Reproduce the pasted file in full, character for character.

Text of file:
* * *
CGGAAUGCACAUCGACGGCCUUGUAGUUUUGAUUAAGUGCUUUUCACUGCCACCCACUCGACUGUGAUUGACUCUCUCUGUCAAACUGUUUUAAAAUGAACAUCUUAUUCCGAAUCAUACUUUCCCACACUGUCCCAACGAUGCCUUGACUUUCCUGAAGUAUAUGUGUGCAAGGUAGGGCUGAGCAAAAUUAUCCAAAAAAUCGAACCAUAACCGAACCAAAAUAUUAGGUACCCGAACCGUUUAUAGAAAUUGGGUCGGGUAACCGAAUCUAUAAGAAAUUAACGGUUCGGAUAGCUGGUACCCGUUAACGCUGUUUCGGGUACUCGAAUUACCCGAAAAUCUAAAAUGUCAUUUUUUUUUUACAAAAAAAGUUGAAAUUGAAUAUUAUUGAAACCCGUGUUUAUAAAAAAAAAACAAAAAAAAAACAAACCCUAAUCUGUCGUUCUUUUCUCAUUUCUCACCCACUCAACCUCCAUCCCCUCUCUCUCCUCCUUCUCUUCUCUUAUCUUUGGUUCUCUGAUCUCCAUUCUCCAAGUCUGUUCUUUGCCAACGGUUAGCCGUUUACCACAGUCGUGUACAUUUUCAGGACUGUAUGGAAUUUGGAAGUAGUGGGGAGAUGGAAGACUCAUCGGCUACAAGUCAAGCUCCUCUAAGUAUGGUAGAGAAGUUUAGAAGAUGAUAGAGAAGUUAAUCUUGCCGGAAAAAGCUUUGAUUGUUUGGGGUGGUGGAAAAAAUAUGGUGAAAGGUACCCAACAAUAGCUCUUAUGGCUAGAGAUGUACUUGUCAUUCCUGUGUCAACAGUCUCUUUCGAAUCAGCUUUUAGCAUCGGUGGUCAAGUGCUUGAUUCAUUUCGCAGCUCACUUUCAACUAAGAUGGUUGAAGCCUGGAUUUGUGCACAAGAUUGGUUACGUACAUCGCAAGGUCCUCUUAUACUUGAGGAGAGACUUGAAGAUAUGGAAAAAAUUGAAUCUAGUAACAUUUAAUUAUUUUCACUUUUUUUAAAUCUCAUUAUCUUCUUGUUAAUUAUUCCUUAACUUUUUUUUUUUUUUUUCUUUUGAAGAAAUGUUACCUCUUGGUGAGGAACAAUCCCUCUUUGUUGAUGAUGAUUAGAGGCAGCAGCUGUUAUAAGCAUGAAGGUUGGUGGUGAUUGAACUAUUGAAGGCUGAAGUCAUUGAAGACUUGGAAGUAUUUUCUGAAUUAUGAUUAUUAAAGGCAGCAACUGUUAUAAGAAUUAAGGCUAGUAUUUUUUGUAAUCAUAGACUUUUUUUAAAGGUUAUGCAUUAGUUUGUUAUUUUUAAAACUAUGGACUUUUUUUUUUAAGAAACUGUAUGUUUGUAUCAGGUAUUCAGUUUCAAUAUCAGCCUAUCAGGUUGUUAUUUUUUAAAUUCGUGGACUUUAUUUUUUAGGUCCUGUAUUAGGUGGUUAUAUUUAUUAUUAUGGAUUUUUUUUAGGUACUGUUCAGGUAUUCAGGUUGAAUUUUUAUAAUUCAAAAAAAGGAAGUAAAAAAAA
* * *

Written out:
CGGAAUGCACAUCGACGGCCUUGUAGUUUUGAUUAAGUGCUUUUCACUGCCACCCACUCGACUGUGAUUGACUCUCUCUGUCAAACUGUUUUAAAAUGAACAUCUUAUUCCGAAUCAUACUUUCCCACACUGUCCCAACGAUGCCUUGACUUUCCUGAAGUAUAUGUGUGCAAGGUAGGGCUGAGCAAAAUUAUCCAAAAAAUCGAACCAUAACCGAACCAAAAUAUUAGGUACCCGAACCGUUUAUAGAAAUUGGGUCGGGUAACCGAAUCUAUAAGAAAUUAACGGUUCGGAUAGCUGGUACCCGUUAACGCUGUUUCGGGUACUCGAAUUACCCGAAAAUCUAAAAUGUCAUUUUUUUUUUACAAAAAAAGUUGAAAUUGAAUAUUAUUGAAACCCGUGUUUAUAAAAAAAAAACAAAAAAAAAACAAACCCUAAUCUGUCGUUCUUUUCUCAUUUCUCACCCACUCAACCUCCAUCCCCUCUCUCUCCUCCUUCUCUUCUCUUAUCUUUGGUUCUCUGAUCUCCAUUCUCCAAGUCUGUUCUUUGCCAACGGUUAGCCGUUUACCACAGUCGUGUACAUUUUCAGGACUGUAUGGAAUUUGGAAGUAGUGGGGAGAUGGAAGACUCAUCGGCUACAAGUCAAGCUCCUCUAAGUAUGGUAGAGAAGUUUAGAAGAUGAUAGAGAAGUUAAUCUUGCCGGAAAAAGCUUUGAUUGUUUGGGGUGGUGGAAAAAAUAUGGUGAAAGGUACCCAACAAUAGCUCUUAUGGCUAGAGAUGUACUUGUCAUUCCUGUGUCAACAGUCUCUUUCGAAUCAGCUUUUAGCAUCGGUGGUCAAGUGCUUGAUUCAUUUCGCAGCUCACUUUCAACUAAGAUGGUUGAAGCCUGGAUUUGUGCACAAGAUUGGUUACGUACAUCGCAAGGUCCUCUUAUACUUGAGGAGAGACUUGAAGAUAUGGAAAAAAUUGAAUCUAGUAACAUUUAAUUAUUUUCACUUUUUUUAAAUCUCAUUAUCUUCUUGUUAAUUAUUCCUUAACUUUUUUUUUUUUUUUUCUUUUGAAGAAAUGUUACCUCUUGGUGAGGAACAAUCCCUCUUUGUUGAUGAUGAUUAGAGGCAGCAGCUGUUAUAAGCAUGAAGGUUGGUGGUGAUUGAACUAUUGAAGGCUGAAGUCAUUGAAGACUUGGAAGUAUUUUCUGAAUUAUGAUUAUUAAAGGCAGCAACUGUUAUAAGAAUUAAGGCUAGUAUUUUUUGUAAUCAUAGACUUUUUUUAAAGGUUAUGCAUUAGUUUGUUAUUUUUAAAACUAUGGACUUUUUUUUUUAAGAAACUGUAUGUUUGUAUCAGGUAUUCAGUUUCAAUAUCAGCCUAUCAGGUUGUUAUUUUUUAAAUUCGUGGACUUUAUUUUUUAGGUCCUGUAUUAGGUGGUUAUAUUUAUUAUUAUGGAUUUUUUUUAGGUACUGUUCAGGUAUUCAGGUUGAAUUUUUAUAAUUCAAAAAAAGGAAGUAAAAAAAA